John Boscawen’s Supplementary Submission On The Electoral Finance Bill

Wednesday, September 26, 2007

About me

My name is John Boscawen.

I live at 1/6 Paritai Drive, Orakei, Auckland.

My postal address is PO Box 42-267, Orakei, Auckland. I can be contacted on 021 760 630 or

I am a qualified accountant and investment manager. I am also a member of the political party ACT New Zealand and am a former ACT trustee and party treasurer. I have been involved in fundraising for ACT for the last four elections.

I am also a member of the New Zealand Institute of Chartered Accountants, the Rotary Club of Downtown Auckland, a trustee of the Auckland Philharmonia Foundation, and more recently an Associate Member of the New Zealand Business Roundtable. Notwithstanding my past involvement with ACT, and in these other organisations my submission is a personal submission and when it was initially lodged on 7 September 2007 was made without the knowledge or involvement of ACT.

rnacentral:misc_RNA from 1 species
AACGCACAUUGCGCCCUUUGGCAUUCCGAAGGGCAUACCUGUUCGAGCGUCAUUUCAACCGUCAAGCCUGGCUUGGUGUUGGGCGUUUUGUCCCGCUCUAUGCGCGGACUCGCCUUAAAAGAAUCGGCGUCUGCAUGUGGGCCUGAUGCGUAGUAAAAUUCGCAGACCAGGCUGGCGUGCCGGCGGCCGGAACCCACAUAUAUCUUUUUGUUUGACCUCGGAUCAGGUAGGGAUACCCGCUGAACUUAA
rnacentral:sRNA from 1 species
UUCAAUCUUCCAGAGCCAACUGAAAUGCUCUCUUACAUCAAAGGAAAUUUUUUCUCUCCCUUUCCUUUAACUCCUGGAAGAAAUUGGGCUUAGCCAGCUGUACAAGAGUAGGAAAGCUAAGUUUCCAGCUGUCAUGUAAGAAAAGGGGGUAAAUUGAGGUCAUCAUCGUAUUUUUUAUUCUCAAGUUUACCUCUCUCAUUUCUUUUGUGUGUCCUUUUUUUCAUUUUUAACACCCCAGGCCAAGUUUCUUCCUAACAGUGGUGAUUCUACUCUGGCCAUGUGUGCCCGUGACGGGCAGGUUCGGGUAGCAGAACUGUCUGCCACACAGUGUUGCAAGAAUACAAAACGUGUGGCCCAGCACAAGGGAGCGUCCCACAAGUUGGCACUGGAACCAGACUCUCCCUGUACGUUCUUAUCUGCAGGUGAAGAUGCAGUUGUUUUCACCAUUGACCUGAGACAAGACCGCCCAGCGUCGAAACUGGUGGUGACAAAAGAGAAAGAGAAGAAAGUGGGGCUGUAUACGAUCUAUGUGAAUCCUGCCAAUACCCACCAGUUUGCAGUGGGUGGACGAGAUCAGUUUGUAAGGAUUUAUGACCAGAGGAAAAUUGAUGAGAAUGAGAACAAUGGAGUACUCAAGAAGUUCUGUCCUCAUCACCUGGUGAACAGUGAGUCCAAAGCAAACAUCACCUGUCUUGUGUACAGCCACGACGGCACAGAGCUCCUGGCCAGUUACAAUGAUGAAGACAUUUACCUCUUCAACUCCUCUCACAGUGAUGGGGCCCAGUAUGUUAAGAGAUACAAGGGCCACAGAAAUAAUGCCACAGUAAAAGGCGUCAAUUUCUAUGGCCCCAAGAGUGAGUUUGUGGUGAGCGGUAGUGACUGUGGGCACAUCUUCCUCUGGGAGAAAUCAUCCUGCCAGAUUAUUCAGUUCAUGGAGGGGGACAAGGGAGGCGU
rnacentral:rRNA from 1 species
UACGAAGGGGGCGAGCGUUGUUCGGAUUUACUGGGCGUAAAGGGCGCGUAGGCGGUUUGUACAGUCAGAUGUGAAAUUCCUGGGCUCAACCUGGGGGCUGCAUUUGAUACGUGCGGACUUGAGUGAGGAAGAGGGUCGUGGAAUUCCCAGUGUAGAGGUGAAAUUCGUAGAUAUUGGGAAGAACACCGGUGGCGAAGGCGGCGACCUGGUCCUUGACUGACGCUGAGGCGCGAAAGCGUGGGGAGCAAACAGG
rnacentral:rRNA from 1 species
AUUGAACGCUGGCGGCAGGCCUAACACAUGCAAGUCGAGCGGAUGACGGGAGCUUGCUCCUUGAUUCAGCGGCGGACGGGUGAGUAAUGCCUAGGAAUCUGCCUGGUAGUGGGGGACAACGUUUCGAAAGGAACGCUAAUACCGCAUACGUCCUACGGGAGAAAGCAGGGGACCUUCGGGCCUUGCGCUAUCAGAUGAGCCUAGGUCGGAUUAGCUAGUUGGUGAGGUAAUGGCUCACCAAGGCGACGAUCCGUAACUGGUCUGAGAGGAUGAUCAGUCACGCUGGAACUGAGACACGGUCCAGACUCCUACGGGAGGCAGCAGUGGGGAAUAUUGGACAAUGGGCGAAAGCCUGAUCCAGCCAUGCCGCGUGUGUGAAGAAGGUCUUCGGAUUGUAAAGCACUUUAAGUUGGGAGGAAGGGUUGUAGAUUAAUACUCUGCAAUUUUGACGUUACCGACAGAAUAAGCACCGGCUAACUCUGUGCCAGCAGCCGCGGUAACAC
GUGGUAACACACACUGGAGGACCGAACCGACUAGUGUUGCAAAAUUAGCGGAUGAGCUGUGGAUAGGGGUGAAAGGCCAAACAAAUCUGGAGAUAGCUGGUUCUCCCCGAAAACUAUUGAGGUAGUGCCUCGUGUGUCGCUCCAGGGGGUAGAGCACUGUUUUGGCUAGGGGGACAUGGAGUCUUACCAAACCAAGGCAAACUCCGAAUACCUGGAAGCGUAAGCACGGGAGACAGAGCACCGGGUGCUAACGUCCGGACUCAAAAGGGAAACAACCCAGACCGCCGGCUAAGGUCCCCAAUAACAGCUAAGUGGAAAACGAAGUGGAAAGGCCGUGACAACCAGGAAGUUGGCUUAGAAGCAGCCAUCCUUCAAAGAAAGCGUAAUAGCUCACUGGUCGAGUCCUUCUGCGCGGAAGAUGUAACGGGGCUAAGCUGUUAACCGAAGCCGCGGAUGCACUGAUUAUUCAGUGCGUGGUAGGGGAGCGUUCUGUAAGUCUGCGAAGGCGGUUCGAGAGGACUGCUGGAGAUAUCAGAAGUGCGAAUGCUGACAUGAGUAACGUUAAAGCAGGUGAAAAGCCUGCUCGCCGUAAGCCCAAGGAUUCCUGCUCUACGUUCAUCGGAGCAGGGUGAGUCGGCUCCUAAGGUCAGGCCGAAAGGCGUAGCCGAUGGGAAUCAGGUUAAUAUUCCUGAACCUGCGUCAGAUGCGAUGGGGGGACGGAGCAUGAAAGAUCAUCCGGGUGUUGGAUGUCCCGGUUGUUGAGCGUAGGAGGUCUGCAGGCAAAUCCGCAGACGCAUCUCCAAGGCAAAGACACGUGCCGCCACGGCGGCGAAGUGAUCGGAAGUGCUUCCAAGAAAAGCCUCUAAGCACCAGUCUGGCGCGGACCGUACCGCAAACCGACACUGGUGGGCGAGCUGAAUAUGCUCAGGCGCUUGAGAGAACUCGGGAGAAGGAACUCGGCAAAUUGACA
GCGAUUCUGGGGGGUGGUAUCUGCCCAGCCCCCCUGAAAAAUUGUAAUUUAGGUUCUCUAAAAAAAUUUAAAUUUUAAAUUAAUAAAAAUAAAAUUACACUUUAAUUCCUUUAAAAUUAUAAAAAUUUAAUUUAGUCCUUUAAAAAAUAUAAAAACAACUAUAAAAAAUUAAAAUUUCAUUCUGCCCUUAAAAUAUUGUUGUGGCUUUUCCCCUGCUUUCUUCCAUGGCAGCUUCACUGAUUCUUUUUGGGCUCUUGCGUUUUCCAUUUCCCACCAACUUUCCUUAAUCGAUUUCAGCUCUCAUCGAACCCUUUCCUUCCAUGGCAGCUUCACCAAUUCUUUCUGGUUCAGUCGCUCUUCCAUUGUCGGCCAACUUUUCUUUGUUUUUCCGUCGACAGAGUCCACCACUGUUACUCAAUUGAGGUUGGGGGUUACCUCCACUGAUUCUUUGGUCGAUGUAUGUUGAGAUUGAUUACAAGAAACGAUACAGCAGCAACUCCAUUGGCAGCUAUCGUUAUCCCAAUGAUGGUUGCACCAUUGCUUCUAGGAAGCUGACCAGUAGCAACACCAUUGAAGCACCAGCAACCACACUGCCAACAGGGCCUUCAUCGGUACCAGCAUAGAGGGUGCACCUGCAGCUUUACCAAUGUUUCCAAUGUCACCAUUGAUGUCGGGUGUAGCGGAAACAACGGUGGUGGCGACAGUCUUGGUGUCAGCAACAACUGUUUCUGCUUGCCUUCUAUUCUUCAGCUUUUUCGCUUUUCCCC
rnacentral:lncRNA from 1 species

ACT Party involvement

I have travelled widely and am proud to be a New Zealander. This country has huge potential but sadly I believe it is far from being realised, a fault I lay at the successive National and Labour administrations over the last fifteen years. However, I acknowledge and applaud the government’s recent introduction of Kiwi Saver. It is still some way from the compulsory superannuation system the ACT Party campaigned for in the 1996 general election but it is the best effort yet of the two major parties.

I joined the ACT Party in 1995 and stood for ACT in the Epsom electorate in the 1996 general election against the incumbent National MP and former cabinet minister, Christine Fletcher. My campaign team of 60 people achieved a total of just under 8,000 party votes or 21%. Sadly, even to this very day, this remains ACT’s most successful party vote campaign.